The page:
AP photo by John Bazemore / South Carolina football coach Will Muschamp celebrates after the Gamecocks returned an interception for a touchdown during the first half of Saturday's game at Georgia.

The last time the Tennessee Volunteers won a Southeastern Conference football game in October, they didn't win another one until November.

With Alabama on tap Saturday night in Tuscaloosa and a suddenly dangerous South Carolina team scheduled to visit the Vols' Neyland Stadium the following week, that bit of history from the 2018 season when Tennessee upset a ranked Auburn team in October could easily repeat itself this time around.

But let's say the Vols do lose to both the top-ranked Crimson Tide and the Gamecocks — and good as South Carolina was stunning Georgia this past Saturday, there is certainly no guarantee it wins in Knoxville — can the Vols still go bowling? Are there still four wins on the board if they lose to both Bama and the Garnet Roosters?

It says here that such a scenario is still possible, though the margin for error shrinks dramatically.

A little math is in order. Unless a bizarre set of circumstances emerges, you need a minimum of six wins to become bowl eligible. Tennessee currently has two victories versus four losses with six games to go.

Five of those games are against Southeastern Conference foes: Bama, South Carolina, at Kentucky, at Missouri and the regular-season finale inside Neyland against Vanderbilt. The sixth in that stretch is at home on Nov. 2 against a University of Alabama at Birmingham team that is 5-1, with four of those victories by double figures.

Until Vandy was bludgeoned at home by awful UNLV on Saturday, four of those five SEC games — top-ranked Alabama is the exception — looked both winnable and losable. But assuming they can knock off both UAB and Vanderbilt, the Vols' bowl hopes come down to what they can do against South Carolina, Kentucky and Missouri.

To go bowling, they'll also need to win two against those three. So just where might those two needed victories come from?

To view the Gamecocks today is to respect them far more than anyone did after their early loss to North Carolina in Charlotte. Some of that has to do with the victory over Georgia, but North Carolina has to be judged differently, too, after its narrow loss to Clemson, which dropped the reigning national champion from the top spot in the rankings.

Beyond that, after losing to Kentucky for five straight seasons, the Gamecocks flattened the Wildcats 24-7 in Columbia late last month. Now 3-3 overall and 2-2 within the SEC, South Carolina is certainly capable of defeating the Vols for the fourth straight season.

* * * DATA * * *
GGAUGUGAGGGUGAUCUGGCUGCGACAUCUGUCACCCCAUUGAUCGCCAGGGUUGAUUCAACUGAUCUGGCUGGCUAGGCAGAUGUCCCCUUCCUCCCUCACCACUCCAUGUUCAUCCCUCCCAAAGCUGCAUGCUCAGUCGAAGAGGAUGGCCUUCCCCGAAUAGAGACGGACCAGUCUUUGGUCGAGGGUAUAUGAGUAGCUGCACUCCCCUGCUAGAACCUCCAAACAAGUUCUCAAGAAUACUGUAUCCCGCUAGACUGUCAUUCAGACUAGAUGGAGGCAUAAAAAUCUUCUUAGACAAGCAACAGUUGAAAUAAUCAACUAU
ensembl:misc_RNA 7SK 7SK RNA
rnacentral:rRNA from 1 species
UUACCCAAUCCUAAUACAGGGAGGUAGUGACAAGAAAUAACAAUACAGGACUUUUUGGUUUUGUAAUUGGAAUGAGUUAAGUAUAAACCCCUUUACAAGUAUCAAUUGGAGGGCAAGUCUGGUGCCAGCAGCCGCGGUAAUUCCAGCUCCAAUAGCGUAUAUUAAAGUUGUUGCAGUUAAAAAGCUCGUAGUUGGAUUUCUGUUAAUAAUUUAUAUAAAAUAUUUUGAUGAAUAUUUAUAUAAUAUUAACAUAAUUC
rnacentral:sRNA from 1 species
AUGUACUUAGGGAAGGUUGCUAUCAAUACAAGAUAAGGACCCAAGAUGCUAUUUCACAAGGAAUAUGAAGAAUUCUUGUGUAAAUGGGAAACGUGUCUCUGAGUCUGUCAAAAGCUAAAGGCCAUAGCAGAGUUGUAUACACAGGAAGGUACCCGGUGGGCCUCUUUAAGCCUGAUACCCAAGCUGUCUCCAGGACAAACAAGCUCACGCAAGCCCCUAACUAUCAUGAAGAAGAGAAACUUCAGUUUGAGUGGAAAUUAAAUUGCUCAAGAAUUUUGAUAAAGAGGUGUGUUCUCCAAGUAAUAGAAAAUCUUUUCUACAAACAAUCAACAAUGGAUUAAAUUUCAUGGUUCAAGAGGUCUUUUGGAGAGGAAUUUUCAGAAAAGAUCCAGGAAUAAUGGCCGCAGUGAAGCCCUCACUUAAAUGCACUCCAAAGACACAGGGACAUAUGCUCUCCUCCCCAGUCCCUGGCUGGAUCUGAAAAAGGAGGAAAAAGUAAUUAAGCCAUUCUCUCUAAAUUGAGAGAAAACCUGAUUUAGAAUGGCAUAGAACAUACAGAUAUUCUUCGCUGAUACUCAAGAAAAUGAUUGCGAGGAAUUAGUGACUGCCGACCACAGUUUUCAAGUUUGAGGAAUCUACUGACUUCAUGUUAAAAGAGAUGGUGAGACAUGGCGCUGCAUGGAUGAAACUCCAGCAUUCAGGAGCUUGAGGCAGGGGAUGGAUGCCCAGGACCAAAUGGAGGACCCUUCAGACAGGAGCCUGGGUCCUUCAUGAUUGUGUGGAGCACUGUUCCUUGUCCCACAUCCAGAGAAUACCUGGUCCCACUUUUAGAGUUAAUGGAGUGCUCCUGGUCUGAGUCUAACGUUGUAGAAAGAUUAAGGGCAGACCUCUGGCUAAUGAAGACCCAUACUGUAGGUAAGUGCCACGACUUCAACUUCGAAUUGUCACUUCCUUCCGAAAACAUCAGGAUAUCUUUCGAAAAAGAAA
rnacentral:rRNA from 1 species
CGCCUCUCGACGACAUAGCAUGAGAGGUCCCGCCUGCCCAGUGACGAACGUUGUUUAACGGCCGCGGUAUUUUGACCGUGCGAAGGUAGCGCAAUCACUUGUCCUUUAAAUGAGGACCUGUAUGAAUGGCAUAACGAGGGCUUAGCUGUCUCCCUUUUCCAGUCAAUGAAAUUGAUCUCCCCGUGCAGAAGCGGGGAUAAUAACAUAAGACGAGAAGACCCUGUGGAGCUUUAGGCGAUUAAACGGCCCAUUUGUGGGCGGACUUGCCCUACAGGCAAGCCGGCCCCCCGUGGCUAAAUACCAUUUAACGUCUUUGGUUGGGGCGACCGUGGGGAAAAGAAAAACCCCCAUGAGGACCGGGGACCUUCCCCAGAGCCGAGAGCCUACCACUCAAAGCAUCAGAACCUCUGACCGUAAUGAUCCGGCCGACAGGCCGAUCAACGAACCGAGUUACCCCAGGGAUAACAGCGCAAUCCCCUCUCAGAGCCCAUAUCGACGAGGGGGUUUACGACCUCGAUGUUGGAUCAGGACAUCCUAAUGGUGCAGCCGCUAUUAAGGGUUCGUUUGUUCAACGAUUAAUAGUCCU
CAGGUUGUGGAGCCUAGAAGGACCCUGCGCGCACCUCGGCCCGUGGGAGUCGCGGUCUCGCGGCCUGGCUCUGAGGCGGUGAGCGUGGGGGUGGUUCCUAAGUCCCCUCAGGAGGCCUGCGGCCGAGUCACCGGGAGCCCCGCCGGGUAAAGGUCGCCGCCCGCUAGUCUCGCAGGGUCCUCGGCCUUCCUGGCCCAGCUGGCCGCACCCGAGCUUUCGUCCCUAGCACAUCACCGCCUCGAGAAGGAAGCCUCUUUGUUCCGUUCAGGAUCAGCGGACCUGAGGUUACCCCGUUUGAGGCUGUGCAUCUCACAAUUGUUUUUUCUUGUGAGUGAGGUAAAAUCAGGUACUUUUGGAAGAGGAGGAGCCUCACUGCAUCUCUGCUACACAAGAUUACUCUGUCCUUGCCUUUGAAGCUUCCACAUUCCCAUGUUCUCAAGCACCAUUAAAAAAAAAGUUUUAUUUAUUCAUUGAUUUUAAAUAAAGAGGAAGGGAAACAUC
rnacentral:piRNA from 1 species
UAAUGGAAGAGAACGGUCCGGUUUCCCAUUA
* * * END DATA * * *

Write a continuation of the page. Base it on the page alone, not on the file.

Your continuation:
But while Tennessee is in Tuscaloosa, South Carolina must host physical Florida, which is coming off a tough loss at LSU. Already down to their third-string quarterback in Dakereon Joyner after Ryan Hilinski was injured against Georgia in the third quarter, the Gamecocks would seem vulnerable against the Vols, regardless of the result against the Gators.

On a scale of 1 to 10, rate the Vols' chances of defeating South Carolina a 6.

Now for Kentucky, long known as The Cure around Volsville. Tennessee has won 32 of the past 34 meetings, including knocking off a squad ranked just outside of the top 10 last season in Knoxville, 24-7. To show how completely the Big Orange owns Big Blue, the week before that victory over the Wildcats, the Vols struggled to beat a bad Charlotte team 14-3. The two games after that? Missouri came into Neyland and left with a 50-17 win, and Tennessee ended the year with a 38-13 loss at Vanderbilt.

Given that Kentucky just beat Arkansas with wide receiver Lynn Bowden at quarterback because starter Terry Wilson was lost for the year during the second game and his backup, Sawyer Smith, has been banged up for the past month, this should be the Vols' best chance for a win despite being in Lexington.

On a scale of 1 to 10, put their chances of beating the Cats at 8.

Then there's that road trip to Missouri on Nov. 23. After losing to Wyoming to open the season, the Tigers have won five straight to move into The Associated Press Top 25 this week at No. 22. With Clemson transfer Kelly Bryant, they have one of the more dangerous dual-threat quarterbacks in the country. They've won their two SEC games against South Carolina and Ole Miss by double digits, and they've hung at least 50 on the Vols the past two years.

Again, on a scale of 1 to 10, put the Vols' chances of defeating the Tigers at a 3.

During his postgame comments after beating Mississippi State with a very conservative offensive game plan, Tennessee coach Jeremy Pruitt said of that strategy: "Can we win a bunch of games like that? Probably not. But that's the way we needed to play to win this game."

But can they win four of their last six to reach their first bowl in three years?

They can, but they'll probably have to beat South Carolina in two weeks in Knoxville to have a realistic chance.

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Mark Wiedmer

Contact Mark Wiedmer at Follow him on Twitter @TFPWeeds.